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A Book Production Schedule for Indie Authors

Thursday, September 14, 2017

Having a book production schedule filled with the right tasks in the right order, will not only result in a professionally produced product and enough time to plan your release, but will also reduce your stress, and ensure you’re not throwing your book into the sky and hoping for the best. Breaking the process into parts makes it easier to focus on one thing at a time and get each step right without getting overwhelmed.

The below book production schedule is based on my own publishing experience and is broken into "Production Days", allowing you to begin the schedule at any time in your current calendar, and be a little bit flexible within the allowed time slots. I like to not include weekends—or any two days during the week you want to keep free—as we all need some breathing time.

Please note that this is a book production schedule and begins with the first production task, not the writing of your book. Beginning the book production process means your book is in a state where you're ready to send it out to service providers, meaning it's already been written, beta-read, revised, beta-read again, and revised again. Each step is repeated until you feel your book is as best as it can be without professional input.

Book Production Schedule

Production Day 1-90


  • During this 90-day period author revisions should also be made.
  • If this is your first book, I would advise you to allow at least six months for this development stage instead of three.
  • Book a content editor at least three months in advance of needing the job done.

Production Day 91–125

  • Prepare manuscript for copyediting.
  • Send manuscript to copyeditor.
  • Send manuscript to readers for puff quotes (short endorsements of your book written by another author or publishing professional).
  • Buy and/or assign your ISBN to both your paperback and eBook versions.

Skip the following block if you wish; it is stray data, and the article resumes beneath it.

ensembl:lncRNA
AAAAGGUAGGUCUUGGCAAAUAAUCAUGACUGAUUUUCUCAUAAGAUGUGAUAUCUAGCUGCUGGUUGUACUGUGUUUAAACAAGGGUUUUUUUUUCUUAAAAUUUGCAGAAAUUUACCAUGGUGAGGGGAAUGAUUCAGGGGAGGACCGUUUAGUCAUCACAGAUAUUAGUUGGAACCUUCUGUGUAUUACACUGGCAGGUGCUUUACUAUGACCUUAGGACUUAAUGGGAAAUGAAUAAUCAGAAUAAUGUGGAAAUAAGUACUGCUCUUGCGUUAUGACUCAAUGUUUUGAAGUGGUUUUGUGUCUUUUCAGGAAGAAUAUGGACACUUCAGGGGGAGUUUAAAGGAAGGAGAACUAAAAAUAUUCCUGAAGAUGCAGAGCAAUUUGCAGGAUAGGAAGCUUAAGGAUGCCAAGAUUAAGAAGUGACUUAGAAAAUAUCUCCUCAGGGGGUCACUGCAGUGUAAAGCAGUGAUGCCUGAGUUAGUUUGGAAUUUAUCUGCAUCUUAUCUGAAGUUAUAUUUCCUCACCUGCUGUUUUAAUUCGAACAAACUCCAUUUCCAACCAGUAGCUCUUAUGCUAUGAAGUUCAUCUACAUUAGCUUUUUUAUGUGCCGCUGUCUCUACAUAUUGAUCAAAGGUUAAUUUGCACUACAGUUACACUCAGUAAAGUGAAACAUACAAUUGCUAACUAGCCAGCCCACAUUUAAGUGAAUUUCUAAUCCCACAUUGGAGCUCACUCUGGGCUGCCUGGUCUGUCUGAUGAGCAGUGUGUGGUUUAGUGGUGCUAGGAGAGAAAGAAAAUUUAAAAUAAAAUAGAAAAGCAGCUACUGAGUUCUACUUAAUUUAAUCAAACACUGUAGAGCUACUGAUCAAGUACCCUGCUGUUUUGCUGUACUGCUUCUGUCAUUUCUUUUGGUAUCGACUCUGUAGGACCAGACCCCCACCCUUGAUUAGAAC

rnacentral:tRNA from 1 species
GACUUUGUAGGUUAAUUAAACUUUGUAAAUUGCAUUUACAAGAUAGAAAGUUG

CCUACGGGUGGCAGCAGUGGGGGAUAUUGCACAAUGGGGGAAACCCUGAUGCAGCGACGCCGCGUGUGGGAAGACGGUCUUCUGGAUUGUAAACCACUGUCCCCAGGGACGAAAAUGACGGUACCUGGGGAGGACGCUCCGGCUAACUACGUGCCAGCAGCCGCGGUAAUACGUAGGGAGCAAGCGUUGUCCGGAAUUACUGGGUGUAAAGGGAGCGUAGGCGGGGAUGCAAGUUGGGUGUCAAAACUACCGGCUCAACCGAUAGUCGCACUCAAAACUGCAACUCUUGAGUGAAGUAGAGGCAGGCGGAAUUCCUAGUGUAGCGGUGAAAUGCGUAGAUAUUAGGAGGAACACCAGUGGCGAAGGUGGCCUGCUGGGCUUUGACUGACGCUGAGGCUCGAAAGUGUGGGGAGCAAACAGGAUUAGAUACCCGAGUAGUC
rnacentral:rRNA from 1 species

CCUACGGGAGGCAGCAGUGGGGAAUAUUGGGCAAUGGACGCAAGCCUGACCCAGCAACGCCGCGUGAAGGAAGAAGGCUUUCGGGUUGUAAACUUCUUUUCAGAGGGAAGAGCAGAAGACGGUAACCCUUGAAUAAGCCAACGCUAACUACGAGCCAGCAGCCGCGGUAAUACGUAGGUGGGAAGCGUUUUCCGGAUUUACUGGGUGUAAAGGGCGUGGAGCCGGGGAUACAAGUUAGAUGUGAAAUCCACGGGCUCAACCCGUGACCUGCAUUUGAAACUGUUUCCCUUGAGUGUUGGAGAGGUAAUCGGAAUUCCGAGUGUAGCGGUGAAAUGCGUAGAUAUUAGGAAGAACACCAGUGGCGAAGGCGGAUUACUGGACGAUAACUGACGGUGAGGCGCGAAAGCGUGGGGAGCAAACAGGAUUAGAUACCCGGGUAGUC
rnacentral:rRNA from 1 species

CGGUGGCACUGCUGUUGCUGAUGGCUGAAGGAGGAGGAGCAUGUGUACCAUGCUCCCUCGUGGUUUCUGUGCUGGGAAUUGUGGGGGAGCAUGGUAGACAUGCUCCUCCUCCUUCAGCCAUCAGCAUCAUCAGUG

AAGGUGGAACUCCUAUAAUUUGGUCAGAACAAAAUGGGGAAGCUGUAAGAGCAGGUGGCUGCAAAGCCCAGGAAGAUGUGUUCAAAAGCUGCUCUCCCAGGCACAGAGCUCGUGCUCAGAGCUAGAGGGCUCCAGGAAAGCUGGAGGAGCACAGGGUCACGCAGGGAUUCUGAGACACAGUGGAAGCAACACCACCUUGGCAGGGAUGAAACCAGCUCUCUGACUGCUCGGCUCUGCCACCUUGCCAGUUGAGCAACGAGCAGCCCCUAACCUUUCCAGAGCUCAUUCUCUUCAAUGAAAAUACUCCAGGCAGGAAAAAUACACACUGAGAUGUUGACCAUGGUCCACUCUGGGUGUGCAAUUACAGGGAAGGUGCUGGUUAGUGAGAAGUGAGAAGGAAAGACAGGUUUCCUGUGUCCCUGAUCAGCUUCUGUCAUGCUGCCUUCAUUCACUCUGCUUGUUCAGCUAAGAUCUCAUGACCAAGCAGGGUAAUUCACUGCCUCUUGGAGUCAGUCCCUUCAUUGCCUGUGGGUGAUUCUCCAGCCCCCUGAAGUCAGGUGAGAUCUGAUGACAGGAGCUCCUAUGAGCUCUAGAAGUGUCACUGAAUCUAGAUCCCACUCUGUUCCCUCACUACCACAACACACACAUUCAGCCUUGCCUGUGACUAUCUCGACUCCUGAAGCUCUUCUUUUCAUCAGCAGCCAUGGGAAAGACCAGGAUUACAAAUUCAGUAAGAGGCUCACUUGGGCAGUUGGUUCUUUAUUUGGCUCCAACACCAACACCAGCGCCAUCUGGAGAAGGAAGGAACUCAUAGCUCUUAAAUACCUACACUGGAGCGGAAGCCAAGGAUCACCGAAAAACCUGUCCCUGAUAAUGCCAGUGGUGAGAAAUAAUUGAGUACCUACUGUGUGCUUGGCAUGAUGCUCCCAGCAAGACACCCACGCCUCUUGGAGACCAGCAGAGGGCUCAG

• Have eBook cover (front) designed. 


  • Book a copyeditor and cover designer at least three months in advance of needing the job done.
  • Make sure the manuscript you send to your copyeditor is a clean document with no Track Changes visible.
  • When sending your manuscript to influencers for puff quotes, be sure to explain that it has not yet been copyedited and assure them that all errors will fixed.
  • Allow readers about one month to read and get quotes back to you.
  • You can obtain ISBNs from your respective national ISBN registration agency.

Production Day 126–140

  • Outsource manuscript to a professional proofreader.
  • Prepare proofread manuscript for typesetting.
  • Send proofread manuscript to typesetter with a clear page plan and brief.
  • Follow-up with advanced readers and gather puff quotes.


  • Typesetting is the professional arrangement of text for printing.
  • Make sure you book a typesetter and proofreader at least two months in advance.
  • A page plan is a mock-up of your page arrangement. Be sure to include enough pages for your front and end matter and brief them on what should be included, e.g., biography, dedication, Table of Contents, etc. There’s no need to estimate your entire page count, so just use a single spread to represent your main body text.